The semiarid belts sandwiched between the arid and the dry subhumid belts, constitute climatic transition areas, between the "desert" (arid and hyperarid) and the non-desert (dry subhumid), in which species, both arid and dry subhumid ones, reach their distributional peripheries. Therefore, the semiarid regions constitute a repository of unique within-species biodiversity, with great evolutionary potential for rehabilitation purposes. Thus, the conservation of habitats in the semiarid region constitutes a climate change mitigation strategy.

Is there indeed a high incidence of peripheral populations in semiarid regions? A survey of the Israeli bird species, for example, quantified the degree of peripherality of the 200 Israeli breeding bird species, on a scale of zero to one. It was found that of the 124 species which have the highest value of the peripherality index, 100 have Israel as their southern periphery, and 17 and 7 have Israel as their northern and eastern periphery, respectively.

Within Israel, the semiarid region is the one richest with peripheral populations. It is also the region within which the "desert edge," as expressed in the isohyete that determines the transition between rainfed and irrigated agriculture, pulsates vigorously between years. These pulsations make the species that live in the semiarid region of Israel experience desert climate during a sequence of years, and a non-desert climate in a subsequent series of years. This is presumably what maintains a high genetic diversity in the peripheral populations. Indeed, it was found that the genetic variability, as expressed in isoenzymes’ variability, increased in the Israeli chukar partridge Alectoris chukar, from the core to the periphery, namelyfrom the dry sub-humid to the arid region.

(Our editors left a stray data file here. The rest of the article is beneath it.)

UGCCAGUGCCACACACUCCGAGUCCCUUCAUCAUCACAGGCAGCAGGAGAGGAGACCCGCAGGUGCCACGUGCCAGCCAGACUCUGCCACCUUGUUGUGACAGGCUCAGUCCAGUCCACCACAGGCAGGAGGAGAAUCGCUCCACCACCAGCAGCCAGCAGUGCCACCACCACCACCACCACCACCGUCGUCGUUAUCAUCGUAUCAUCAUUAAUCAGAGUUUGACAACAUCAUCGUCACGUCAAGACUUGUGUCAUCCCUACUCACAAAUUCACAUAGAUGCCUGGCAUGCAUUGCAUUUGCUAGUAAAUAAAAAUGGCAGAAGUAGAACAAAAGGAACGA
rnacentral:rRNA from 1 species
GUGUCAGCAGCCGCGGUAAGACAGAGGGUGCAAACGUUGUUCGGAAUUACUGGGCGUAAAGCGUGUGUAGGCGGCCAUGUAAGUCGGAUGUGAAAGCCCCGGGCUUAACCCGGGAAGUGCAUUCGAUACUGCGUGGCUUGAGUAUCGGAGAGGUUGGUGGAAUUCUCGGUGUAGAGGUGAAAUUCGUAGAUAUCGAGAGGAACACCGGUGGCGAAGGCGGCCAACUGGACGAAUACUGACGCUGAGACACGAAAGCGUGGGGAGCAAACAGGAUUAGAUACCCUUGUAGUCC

As shown earlier, semiarid regions are most prone to desertification. At the same time, these regions harbor biodiversity that may be significant for future mitigation of the detrimental effects of climate change elsewhere. The natural habitats of the semiarid belts should therefore be protected, both from desertification and from agricultural development, so that they can serve as repositories of biogenetic resources used in the future for rehabilitation of ecosystems of other regions, should they be damaged by climate change.

In the 1950s, David Ben-Gurion, Israel’s first Prime Minister, coined the slogan "if we don’t conquer the desert, the desert will conquer us." The transport of water to the Negev through the National Water Carrier from Lake Kinneret, some 200 kilometers away, did indeed help "green" the semiarid belt of the Negev. But at what cost? The transformation of this traditional rangeland to fertile irrigated cropland was at the expense of biodiversity, whose prime significance is in the value of its biogenetic resources. Today, as the synergies between biodiversity, climate change and desertification are becoming better known, it is imperative to find new ways of incorporating the value of Israel’s semiarid region, as a repository for biogenetic resources, in development plans for this region.